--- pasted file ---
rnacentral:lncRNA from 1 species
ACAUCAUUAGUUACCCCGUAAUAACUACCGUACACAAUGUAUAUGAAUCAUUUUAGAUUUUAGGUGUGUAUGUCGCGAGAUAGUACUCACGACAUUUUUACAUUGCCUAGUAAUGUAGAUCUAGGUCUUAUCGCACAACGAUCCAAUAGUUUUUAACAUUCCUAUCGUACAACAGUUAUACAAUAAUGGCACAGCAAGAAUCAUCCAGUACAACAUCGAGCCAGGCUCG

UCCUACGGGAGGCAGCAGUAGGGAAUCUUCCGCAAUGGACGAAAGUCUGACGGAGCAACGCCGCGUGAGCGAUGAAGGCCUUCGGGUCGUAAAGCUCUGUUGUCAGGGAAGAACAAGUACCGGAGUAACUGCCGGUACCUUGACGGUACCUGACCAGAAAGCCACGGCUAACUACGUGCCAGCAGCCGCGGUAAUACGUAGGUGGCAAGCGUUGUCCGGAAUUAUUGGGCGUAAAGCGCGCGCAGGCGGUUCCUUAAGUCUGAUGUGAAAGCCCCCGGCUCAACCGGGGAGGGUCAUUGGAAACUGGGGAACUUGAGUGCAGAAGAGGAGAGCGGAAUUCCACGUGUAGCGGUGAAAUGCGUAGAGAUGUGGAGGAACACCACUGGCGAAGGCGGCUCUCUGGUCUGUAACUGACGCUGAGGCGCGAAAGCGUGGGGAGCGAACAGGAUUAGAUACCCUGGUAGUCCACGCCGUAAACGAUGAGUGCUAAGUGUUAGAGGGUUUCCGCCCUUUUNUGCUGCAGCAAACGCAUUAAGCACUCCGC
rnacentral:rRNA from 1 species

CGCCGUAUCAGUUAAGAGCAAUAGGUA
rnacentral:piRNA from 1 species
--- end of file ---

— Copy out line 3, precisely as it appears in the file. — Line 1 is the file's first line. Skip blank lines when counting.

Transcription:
UCCUACGGGAGGCAGCAGUAGGGAAUCUUCCGCAAUGGACGAAAGUCUGACGGAGCAACGCCGCGUGAGCGAUGAAGGCCUUCGGGUCGUAAAGCUCUGUUGUCAGGGAAGAACAAGUACCGGAGUAACUGCCGGUACCUUGACGGUACCUGACCAGAAAGCCACGGCUAACUACGUGCCAGCAGCCGCGGUAAUACGUAGGUGGCAAGCGUUGUCCGGAAUUAUUGGGCGUAAAGCGCGCGCAGGCGGUUCCUUAAGUCUGAUGUGAAAGCCCCCGGCUCAACCGGGGAGGGUCAUUGGAAACUGGGGAACUUGAGUGCAGAAGAGGAGAGCGGAAUUCCACGUGUAGCGGUGAAAUGCGUAGAGAUGUGGAGGAACACCACUGGCGAAGGCGGCUCUCUGGUCUGUAACUGACGCUGAGGCGCGAAAGCGUGGGGAGCGAACAGGAUUAGAUACCCUGGUAGUCCACGCCGUAAACGAUGAGUGCUAAGUGUUAGAGGGUUUCCGCCCUUUUNUGCUGCAGCAAACGCAUUAAGCACUCCGC